Ruth’s Truths – Ruth Morris

GBalanchine1No Holds Barred —

George Ballanchine, said to be “the 20th Century’s most prolific and famous choreographer,” and considered the “father of American Ballet.”

He said to his students, “Why are you stingy with yourselves? Why are you holding back? What are you saving yourself for – for another time? There are no other times. There is only now. Right now.”

I woke up to this quote today, which came rolling up on my Facebook, posted by a new dance friend. No wonder that dance quotes posted by other dancers might appeal to me; this spoke so directly to me that my writing muse slid into cruise control immediately!

The quote and its sentiment reminded me of when my mom used to say to us, “What are you waiting for, Christmas?” It was her way of telling us to jump-start, get a move on, and it was always extra funny when she said it in December. It was doubly ironic, because our family never used Christmas as an excuse to wait for presents or special occasions, even though it was my parents’ anniversary. It was just another day off to us, and we were usually schlepped off to Las Vegas, where things were open, and which was my parents’ favorite place for R&R.

Ballanchine speaks loud and clear to me. Too much restraint in academic, professional, leisure and romantic pursuits is about fear, and can lead to frustration, and failure to achieve success. The opposite of stinginess is excessiveness, of restraint: addiction. Addictive behaviors lead people to lose control, which is not good all the time, but IS good some of the time. As Oscar Wilde said, “Moderation is a fatal thing; nothing succeeds like excess.”

Students regularly “hold back” in the form of what I’ve heard called “Perfectionism Paralysis.” Some of the hesitancy I encounter with middle school students is absolutely developmental; their minds and bodies are changing, and they are often unsure of themselves, as I likely was at that age, too. However, some students don’t speak or write much, because they are blocked by emotions. I see this not only in my middle school students, but in the many adults I have taught Japanese language to over the years. There too much noise, too many questions, going on in people’s heads, including worry about embarrassment, which just relates back to the perfectionism. Students perseverate about things like penmanship, spelling, pronunciation and grammar so much so, that that they won’t even try to put a sentence onto a paper.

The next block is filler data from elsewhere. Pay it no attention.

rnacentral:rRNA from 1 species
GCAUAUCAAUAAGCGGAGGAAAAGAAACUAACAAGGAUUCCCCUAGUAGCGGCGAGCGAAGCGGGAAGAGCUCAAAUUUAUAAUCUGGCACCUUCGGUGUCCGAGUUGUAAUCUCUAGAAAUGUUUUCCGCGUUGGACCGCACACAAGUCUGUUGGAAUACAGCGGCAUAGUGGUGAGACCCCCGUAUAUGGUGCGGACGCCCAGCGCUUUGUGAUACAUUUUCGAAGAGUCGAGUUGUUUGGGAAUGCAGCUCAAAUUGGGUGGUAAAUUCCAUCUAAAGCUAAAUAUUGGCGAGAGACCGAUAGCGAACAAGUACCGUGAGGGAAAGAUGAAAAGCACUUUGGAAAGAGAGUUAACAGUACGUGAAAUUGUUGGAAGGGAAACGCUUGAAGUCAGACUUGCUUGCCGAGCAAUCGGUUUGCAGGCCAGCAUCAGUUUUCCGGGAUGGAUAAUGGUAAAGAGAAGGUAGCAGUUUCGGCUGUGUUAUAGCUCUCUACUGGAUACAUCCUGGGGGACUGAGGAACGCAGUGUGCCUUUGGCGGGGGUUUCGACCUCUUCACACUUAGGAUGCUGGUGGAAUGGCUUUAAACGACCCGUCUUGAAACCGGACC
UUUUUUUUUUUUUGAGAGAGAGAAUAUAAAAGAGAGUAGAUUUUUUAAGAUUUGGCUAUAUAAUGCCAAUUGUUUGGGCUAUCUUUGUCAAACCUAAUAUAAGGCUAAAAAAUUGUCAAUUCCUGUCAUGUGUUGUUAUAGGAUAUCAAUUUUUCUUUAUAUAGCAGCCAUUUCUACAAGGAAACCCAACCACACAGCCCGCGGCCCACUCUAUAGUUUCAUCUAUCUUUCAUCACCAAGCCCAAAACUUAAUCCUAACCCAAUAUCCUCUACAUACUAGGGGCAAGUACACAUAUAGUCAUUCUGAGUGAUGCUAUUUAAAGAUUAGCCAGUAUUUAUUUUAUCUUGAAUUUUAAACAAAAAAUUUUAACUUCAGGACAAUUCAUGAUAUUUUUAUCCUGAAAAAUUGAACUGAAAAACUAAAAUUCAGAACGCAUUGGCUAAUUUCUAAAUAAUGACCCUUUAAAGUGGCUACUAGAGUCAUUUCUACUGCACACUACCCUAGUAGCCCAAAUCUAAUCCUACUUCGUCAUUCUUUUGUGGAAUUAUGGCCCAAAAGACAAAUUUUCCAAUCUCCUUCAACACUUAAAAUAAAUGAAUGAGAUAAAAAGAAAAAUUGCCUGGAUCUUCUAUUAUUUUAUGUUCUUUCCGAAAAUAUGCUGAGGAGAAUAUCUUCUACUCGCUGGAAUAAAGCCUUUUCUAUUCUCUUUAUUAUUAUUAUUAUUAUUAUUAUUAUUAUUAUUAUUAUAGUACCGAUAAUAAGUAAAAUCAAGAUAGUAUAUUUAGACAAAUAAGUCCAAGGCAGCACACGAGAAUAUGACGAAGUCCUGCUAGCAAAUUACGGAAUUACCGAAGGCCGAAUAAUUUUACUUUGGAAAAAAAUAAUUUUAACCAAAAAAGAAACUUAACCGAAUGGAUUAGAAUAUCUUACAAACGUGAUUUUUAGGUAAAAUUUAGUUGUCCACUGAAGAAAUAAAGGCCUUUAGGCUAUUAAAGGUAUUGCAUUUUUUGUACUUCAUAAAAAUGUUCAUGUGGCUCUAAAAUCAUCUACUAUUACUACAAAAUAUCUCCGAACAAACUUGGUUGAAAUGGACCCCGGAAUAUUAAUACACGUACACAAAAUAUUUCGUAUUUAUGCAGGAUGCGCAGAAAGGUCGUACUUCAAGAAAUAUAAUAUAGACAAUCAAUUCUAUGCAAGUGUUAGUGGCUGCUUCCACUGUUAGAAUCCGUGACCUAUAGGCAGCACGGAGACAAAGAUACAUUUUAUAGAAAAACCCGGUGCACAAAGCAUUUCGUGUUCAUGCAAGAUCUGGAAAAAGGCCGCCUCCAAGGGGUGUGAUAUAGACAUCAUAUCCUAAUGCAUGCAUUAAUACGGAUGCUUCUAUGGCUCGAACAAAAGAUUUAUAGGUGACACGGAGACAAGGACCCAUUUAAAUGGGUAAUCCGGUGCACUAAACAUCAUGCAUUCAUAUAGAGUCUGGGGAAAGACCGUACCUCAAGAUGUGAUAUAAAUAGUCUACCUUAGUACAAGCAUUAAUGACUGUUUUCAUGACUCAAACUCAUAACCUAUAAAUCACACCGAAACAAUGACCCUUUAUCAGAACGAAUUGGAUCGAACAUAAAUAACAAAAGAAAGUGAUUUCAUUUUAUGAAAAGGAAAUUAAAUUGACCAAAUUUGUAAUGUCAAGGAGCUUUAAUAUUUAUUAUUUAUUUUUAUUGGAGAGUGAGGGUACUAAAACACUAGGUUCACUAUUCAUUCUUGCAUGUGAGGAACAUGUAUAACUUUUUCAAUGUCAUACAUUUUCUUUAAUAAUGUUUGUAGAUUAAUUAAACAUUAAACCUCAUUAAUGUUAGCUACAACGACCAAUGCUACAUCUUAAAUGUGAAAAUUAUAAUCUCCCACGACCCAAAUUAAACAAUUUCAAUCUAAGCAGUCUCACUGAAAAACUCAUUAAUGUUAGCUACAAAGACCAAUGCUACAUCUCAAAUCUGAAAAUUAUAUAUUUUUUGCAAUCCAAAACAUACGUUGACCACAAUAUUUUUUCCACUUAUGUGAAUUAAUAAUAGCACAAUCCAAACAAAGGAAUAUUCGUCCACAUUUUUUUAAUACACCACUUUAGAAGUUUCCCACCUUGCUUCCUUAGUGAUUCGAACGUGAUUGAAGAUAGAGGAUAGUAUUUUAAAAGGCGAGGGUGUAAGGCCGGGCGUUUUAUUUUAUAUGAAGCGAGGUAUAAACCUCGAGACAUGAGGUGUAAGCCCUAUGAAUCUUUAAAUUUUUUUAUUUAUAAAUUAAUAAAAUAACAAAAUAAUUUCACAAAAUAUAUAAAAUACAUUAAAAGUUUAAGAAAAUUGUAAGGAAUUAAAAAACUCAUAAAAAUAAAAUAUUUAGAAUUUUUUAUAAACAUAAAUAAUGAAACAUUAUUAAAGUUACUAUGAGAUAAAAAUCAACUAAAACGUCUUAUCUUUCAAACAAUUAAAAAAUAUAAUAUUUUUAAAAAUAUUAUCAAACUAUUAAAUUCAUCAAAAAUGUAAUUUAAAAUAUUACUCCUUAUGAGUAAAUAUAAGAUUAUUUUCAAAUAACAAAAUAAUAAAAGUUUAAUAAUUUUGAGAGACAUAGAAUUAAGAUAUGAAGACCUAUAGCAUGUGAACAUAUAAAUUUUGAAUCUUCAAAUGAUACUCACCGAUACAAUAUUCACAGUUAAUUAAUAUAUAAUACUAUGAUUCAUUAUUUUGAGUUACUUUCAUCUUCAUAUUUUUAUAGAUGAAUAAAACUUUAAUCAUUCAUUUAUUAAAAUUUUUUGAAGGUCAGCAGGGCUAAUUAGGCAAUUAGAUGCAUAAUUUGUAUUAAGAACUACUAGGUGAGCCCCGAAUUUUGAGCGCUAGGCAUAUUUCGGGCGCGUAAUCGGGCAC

When my parents and sister went off to Italy in 1981, my father and sister took six months of Italian before the overseas assignment. My mother could not be bothered to take the class. When I went to visit them, we went to a train station trying to buy some tickets. My sister and dad stood in the corner of the lobby consulting their phrase book, while my mom came back holding the four tickets she’d bought in her hand. With virtually no Italian, she’d marched up to the window, raised four fingers, and likely mispronounced our destination, but they’d understood. She communicated. The job was done, and without the hesitation of getting a sentence right.

I think the unwillingness to at least try to jump in and act becomes habitual. When people “don’t want” to do something, and then find that they “don’t have” to do it, an inertia is created that becomes self-fulfilling. Some parents will use the term “lazy” when speaking of their own children, but, in parent –teacher meetings, I always object to that term. I think that “laziness” has somehow become a socially acceptable label that actually masks something deeper, a lethargy that borders on depression.